Tsutsugaki

Tsutsugaki literally means 'tube drawing' as this resist dye method is a freehand style. An artisan draws directly onto taut cloth by squeezing rice paste from a paper cone, a tool not dissimilar from a Western pastry bag. Once the rice paste drawing is rendered onto cloth, a soy-based sizing is applied allover the textile to set the drawing.  The prepared cloth is then dipped into a vat of indigo dye any number of times until the desired tonal qualities of indigo are archeived.  Often a tsutsugaki textile shows some hand applied colored details, usually grey or red, which are painted on the cloth after the resist dyeing is complete.
A Battered, Well-Worn Noren: Fascinating Crest

A Battered, Well-Worn Noren: Fascinating Crest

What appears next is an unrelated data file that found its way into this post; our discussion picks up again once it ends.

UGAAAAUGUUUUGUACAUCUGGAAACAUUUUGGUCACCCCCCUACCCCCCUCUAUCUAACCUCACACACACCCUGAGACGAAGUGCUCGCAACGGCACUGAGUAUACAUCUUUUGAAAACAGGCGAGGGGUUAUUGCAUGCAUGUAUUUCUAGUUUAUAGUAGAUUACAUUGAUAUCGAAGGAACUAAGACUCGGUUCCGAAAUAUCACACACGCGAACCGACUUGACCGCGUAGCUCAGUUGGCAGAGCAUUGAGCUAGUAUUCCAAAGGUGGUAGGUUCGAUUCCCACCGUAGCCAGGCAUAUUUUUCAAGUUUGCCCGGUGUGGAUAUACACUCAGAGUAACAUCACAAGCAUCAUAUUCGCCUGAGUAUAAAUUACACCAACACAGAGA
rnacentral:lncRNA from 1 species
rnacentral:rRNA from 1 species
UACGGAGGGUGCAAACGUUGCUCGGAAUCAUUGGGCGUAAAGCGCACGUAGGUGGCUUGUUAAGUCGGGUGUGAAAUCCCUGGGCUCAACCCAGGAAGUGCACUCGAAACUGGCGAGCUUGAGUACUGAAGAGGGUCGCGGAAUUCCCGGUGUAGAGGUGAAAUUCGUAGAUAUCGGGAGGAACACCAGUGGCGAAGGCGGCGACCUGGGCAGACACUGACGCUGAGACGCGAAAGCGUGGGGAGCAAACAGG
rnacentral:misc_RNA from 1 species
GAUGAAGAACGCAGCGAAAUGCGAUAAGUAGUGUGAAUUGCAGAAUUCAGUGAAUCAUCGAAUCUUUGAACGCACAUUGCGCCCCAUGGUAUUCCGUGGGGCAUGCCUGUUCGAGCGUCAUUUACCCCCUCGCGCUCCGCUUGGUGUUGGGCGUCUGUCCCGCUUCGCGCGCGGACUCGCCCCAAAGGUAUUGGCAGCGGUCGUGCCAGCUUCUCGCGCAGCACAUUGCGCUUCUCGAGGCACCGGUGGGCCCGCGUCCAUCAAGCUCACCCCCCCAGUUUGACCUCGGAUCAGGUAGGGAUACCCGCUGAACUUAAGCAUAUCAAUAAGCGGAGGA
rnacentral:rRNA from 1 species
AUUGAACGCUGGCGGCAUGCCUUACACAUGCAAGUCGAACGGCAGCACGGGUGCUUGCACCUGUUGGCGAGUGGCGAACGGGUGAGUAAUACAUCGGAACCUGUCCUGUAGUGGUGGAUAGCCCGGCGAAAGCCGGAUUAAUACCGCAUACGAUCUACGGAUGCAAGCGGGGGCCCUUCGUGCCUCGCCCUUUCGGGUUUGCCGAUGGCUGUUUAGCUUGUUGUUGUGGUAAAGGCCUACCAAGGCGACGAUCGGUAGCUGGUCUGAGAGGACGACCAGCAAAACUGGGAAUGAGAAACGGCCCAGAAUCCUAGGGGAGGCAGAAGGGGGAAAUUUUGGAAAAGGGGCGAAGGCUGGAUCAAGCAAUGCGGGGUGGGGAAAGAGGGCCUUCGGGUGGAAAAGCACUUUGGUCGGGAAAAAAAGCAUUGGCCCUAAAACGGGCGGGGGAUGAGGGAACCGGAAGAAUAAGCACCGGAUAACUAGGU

late nineteenth, early twentieth century43 1/2" x 26 1/4"... (more)

A Length of Resist Dyed Cotton: A Row of Kanji

A Length of Resist Dyed Cotton: A Row of Kanji

early twentieth century62" x 12 7/8", 157.5 cm x 32.4 cm ... (more)

A Tsutsugaki Dyed Cloth: Crane as Roundel or Crest

A Tsutsugaki Dyed Cloth: Crane as Roundel or Crest

early twentieth century44 3/4" x 38", 113.5 cm x 96.5 cm ... (more)

A Resist Dyed Cotton Noren: Sweet Shop Sign

A Resist Dyed Cotton Noren: Sweet Shop Sign

mid twentieth century46 1/2" x 41", 118 cm x 104 cm This ... (more)

An Indigo Dyed Cotton Length: Resist Dyed Kanji and Patched Back

An Indigo Dyed Cotton Length: Resist Dyed Kanji and Patched Back

early twentieth century60" x 13 1/4", 152.5 cm x 33.5 cmT... (more)

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